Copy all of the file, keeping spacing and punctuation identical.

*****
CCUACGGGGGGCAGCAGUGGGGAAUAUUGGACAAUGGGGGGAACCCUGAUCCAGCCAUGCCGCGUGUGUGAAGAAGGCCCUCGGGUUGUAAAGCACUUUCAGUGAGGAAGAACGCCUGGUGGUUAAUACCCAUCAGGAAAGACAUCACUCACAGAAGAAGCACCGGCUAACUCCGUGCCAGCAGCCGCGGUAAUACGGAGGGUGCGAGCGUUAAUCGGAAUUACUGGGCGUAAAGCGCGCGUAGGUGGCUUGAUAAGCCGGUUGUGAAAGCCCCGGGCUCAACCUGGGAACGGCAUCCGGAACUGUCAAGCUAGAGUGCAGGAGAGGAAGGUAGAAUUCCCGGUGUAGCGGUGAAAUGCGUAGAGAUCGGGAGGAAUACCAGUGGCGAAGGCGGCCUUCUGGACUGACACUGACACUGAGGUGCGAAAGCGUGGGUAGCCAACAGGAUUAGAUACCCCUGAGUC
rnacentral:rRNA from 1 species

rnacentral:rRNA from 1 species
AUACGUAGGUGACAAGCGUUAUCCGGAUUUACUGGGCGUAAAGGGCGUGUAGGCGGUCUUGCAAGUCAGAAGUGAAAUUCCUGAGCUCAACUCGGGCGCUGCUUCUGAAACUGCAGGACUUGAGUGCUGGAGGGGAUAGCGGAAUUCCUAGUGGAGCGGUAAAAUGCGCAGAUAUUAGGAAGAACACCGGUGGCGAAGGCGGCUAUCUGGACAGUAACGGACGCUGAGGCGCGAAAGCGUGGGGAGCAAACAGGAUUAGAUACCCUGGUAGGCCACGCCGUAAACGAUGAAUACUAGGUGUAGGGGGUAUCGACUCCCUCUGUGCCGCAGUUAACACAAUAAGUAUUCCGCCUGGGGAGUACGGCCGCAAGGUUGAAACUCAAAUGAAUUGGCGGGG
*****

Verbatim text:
CCUACGGGGGGCAGCAGUGGGGAAUAUUGGACAAUGGGGGGAACCCUGAUCCAGCCAUGCCGCGUGUGUGAAGAAGGCCCUCGGGUUGUAAAGCACUUUCAGUGAGGAAGAACGCCUGGUGGUUAAUACCCAUCAGGAAAGACAUCACUCACAGAAGAAGCACCGGCUAACUCCGUGCCAGCAGCCGCGGUAAUACGGAGGGUGCGAGCGUUAAUCGGAAUUACUGGGCGUAAAGCGCGCGUAGGUGGCUUGAUAAGCCGGUUGUGAAAGCCCCGGGCUCAACCUGGGAACGGCAUCCGGAACUGUCAAGCUAGAGUGCAGGAGAGGAAGGUAGAAUUCCCGGUGUAGCGGUGAAAUGCGUAGAGAUCGGGAGGAAUACCAGUGGCGAAGGCGGCCUUCUGGACUGACACUGACACUGAGGUGCGAAAGCGUGGGUAGCCAACAGGAUUAGAUACCCCUGAGUC
rnacentral:rRNA from 1 species

rnacentral:rRNA from 1 species
AUACGUAGGUGACAAGCGUUAUCCGGAUUUACUGGGCGUAAAGGGCGUGUAGGCGGUCUUGCAAGUCAGAAGUGAAAUUCCUGAGCUCAACUCGGGCGCUGCUUCUGAAACUGCAGGACUUGAGUGCUGGAGGGGAUAGCGGAAUUCCUAGUGGAGCGGUAAAAUGCGCAGAUAUUAGGAAGAACACCGGUGGCGAAGGCGGCUAUCUGGACAGUAACGGACGCUGAGGCGCGAAAGCGUGGGGAGCAAACAGGAUUAGAUACCCUGGUAGGCCACGCCGUAAACGAUGAAUACUAGGUGUAGGGGGUAUCGACUCCCUCUGUGCCGCAGUUAACACAAUAAGUAUUCCGCCUGGGGAGUACGGCCGCAAGGUUGAAACUCAAAUGAAUUGGCGGGG